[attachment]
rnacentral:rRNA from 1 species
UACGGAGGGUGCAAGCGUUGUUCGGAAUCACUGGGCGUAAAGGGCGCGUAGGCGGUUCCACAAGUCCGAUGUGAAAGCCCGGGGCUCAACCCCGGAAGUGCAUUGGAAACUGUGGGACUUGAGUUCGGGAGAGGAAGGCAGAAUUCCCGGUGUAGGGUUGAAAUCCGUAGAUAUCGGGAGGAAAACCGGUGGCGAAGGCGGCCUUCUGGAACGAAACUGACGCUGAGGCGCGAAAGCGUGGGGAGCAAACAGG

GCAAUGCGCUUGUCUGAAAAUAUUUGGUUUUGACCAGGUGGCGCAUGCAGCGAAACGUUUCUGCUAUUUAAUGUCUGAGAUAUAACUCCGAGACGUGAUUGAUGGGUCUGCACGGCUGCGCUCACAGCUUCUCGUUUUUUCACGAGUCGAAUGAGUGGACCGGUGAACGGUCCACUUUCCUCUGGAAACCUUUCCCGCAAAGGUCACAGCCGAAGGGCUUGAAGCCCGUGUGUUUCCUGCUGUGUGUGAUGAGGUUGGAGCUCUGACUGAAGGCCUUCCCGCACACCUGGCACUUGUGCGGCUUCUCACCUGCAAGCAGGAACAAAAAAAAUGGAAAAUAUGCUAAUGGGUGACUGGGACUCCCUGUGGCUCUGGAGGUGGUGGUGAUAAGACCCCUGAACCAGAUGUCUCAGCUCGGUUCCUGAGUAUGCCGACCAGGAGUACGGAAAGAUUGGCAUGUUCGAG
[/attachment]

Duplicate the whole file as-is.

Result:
rnacentral:rRNA from 1 species
UACGGAGGGUGCAAGCGUUGUUCGGAAUCACUGGGCGUAAAGGGCGCGUAGGCGGUUCCACAAGUCCGAUGUGAAAGCCCGGGGCUCAACCCCGGAAGUGCAUUGGAAACUGUGGGACUUGAGUUCGGGAGAGGAAGGCAGAAUUCCCGGUGUAGGGUUGAAAUCCGUAGAUAUCGGGAGGAAAACCGGUGGCGAAGGCGGCCUUCUGGAACGAAACUGACGCUGAGGCGCGAAAGCGUGGGGAGCAAACAGG

GCAAUGCGCUUGUCUGAAAAUAUUUGGUUUUGACCAGGUGGCGCAUGCAGCGAAACGUUUCUGCUAUUUAAUGUCUGAGAUAUAACUCCGAGACGUGAUUGAUGGGUCUGCACGGCUGCGCUCACAGCUUCUCGUUUUUUCACGAGUCGAAUGAGUGGACCGGUGAACGGUCCACUUUCCUCUGGAAACCUUUCCCGCAAAGGUCACAGCCGAAGGGCUUGAAGCCCGUGUGUUUCCUGCUGUGUGUGAUGAGGUUGGAGCUCUGACUGAAGGCCUUCCCGCACACCUGGCACUUGUGCGGCUUCUCACCUGCAAGCAGGAACAAAAAAAAUGGAAAAUAUGCUAAUGGGUGACUGGGACUCCCUGUGGCUCUGGAGGUGGUGGUGAUAAGACCCCUGAACCAGAUGUCUCAGCUCGGUUCCUGAGUAUGCCGACCAGGAGUACGGAAAGAUUGGCAUGUUCGAG